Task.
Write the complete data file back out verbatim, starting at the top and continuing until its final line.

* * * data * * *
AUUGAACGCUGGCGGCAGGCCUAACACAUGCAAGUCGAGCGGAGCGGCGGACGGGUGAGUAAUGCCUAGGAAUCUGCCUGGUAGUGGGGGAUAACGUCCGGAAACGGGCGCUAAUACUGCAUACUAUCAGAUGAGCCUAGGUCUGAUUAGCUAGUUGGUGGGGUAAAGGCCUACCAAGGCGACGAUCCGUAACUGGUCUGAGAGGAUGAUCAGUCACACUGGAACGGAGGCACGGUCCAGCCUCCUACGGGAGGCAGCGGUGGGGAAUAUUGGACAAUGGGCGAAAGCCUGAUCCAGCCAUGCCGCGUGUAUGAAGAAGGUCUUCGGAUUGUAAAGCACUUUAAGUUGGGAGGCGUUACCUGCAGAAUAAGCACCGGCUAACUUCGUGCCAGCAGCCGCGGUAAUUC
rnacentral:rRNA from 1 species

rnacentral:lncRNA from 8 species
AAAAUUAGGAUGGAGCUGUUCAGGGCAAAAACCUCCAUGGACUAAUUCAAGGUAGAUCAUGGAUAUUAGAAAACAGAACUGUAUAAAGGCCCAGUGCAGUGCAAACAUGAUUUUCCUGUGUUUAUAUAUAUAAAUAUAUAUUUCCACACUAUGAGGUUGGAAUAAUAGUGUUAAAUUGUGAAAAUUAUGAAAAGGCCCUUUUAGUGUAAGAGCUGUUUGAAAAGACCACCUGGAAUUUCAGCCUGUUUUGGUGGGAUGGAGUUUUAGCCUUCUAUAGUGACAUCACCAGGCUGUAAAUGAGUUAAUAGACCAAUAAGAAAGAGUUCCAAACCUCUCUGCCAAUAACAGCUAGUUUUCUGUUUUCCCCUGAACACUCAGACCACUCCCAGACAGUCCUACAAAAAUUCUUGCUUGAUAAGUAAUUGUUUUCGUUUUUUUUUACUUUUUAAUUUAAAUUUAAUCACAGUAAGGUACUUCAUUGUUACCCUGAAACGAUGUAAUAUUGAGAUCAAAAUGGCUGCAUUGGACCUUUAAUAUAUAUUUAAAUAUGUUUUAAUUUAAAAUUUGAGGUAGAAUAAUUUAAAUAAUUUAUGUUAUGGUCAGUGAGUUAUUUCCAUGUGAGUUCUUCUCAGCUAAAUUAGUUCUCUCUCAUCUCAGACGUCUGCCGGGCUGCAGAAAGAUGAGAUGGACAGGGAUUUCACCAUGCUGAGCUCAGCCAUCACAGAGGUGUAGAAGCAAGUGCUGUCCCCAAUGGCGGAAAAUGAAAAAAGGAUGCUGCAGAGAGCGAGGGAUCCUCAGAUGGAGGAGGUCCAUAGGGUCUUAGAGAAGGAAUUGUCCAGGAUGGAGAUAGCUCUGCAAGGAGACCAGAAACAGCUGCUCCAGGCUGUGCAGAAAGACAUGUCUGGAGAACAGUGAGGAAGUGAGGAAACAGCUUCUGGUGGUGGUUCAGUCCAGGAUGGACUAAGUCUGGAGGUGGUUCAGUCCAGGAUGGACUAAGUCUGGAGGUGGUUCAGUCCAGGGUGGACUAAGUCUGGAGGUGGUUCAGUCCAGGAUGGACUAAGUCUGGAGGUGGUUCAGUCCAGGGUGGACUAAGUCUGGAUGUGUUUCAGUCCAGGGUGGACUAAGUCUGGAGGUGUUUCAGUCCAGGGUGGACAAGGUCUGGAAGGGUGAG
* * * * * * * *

AUUGAACGCUGGCGGCAGGCCUAACACAUGCAAGUCGAGCGGAGCGGCGGACGGGUGAGUAAUGCCUAGGAAUCUGCCUGGUAGUGGGGGAUAACGUCCGGAAACGGGCGCUAAUACUGCAUACUAUCAGAUGAGCCUAGGUCUGAUUAGCUAGUUGGUGGGGUAAAGGCCUACCAAGGCGACGAUCCGUAACUGGUCUGAGAGGAUGAUCAGUCACACUGGAACGGAGGCACGGUCCAGCCUCCUACGGGAGGCAGCGGUGGGGAAUAUUGGACAAUGGGCGAAAGCCUGAUCCAGCCAUGCCGCGUGUAUGAAGAAGGUCUUCGGAUUGUAAAGCACUUUAAGUUGGGAGGCGUUACCUGCAGAAUAAGCACCGGCUAACUUCGUGCCAGCAGCCGCGGUAAUUC
rnacentral:rRNA from 1 species

rnacentral:lncRNA from 8 species
AAAAUUAGGAUGGAGCUGUUCAGGGCAAAAACCUCCAUGGACUAAUUCAAGGUAGAUCAUGGAUAUUAGAAAACAGAACUGUAUAAAGGCCCAGUGCAGUGCAAACAUGAUUUUCCUGUGUUUAUAUAUAUAAAUAUAUAUUUCCACACUAUGAGGUUGGAAUAAUAGUGUUAAAUUGUGAAAAUUAUGAAAAGGCCCUUUUAGUGUAAGAGCUGUUUGAAAAGACCACCUGGAAUUUCAGCCUGUUUUGGUGGGAUGGAGUUUUAGCCUUCUAUAGUGACAUCACCAGGCUGUAAAUGAGUUAAUAGACCAAUAAGAAAGAGUUCCAAACCUCUCUGCCAAUAACAGCUAGUUUUCUGUUUUCCCCUGAACACUCAGACCACUCCCAGACAGUCCUACAAAAAUUCUUGCUUGAUAAGUAAUUGUUUUCGUUUUUUUUUACUUUUUAAUUUAAAUUUAAUCACAGUAAGGUACUUCAUUGUUACCCUGAAACGAUGUAAUAUUGAGAUCAAAAUGGCUGCAUUGGACCUUUAAUAUAUAUUUAAAUAUGUUUUAAUUUAAAAUUUGAGGUAGAAUAAUUUAAAUAAUUUAUGUUAUGGUCAGUGAGUUAUUUCCAUGUGAGUUCUUCUCAGCUAAAUUAGUUCUCUCUCAUCUCAGACGUCUGCCGGGCUGCAGAAAGAUGAGAUGGACAGGGAUUUCACCAUGCUGAGCUCAGCCAUCACAGAGGUGUAGAAGCAAGUGCUGUCCCCAAUGGCGGAAAAUGAAAAAAGGAUGCUGCAGAGAGCGAGGGAUCCUCAGAUGGAGGAGGUCCAUAGGGUCUUAGAGAAGGAAUUGUCCAGGAUGGAGAUAGCUCUGCAAGGAGACCAGAAACAGCUGCUCCAGGCUGUGCAGAAAGACAUGUCUGGAGAACAGUGAGGAAGUGAGGAAACAGCUUCUGGUGGUGGUUCAGUCCAGGAUGGACUAAGUCUGGAGGUGGUUCAGUCCAGGAUGGACUAAGUCUGGAGGUGGUUCAGUCCAGGGUGGACUAAGUCUGGAGGUGGUUCAGUCCAGGAUGGACUAAGUCUGGAGGUGGUUCAGUCCAGGGUGGACUAAGUCUGGAUGUGUUUCAGUCCAGGGUGGACUAAGUCUGGAGGUGUUUCAGUCCAGGGUGGACAAGGUCUGGAAGGGUGAG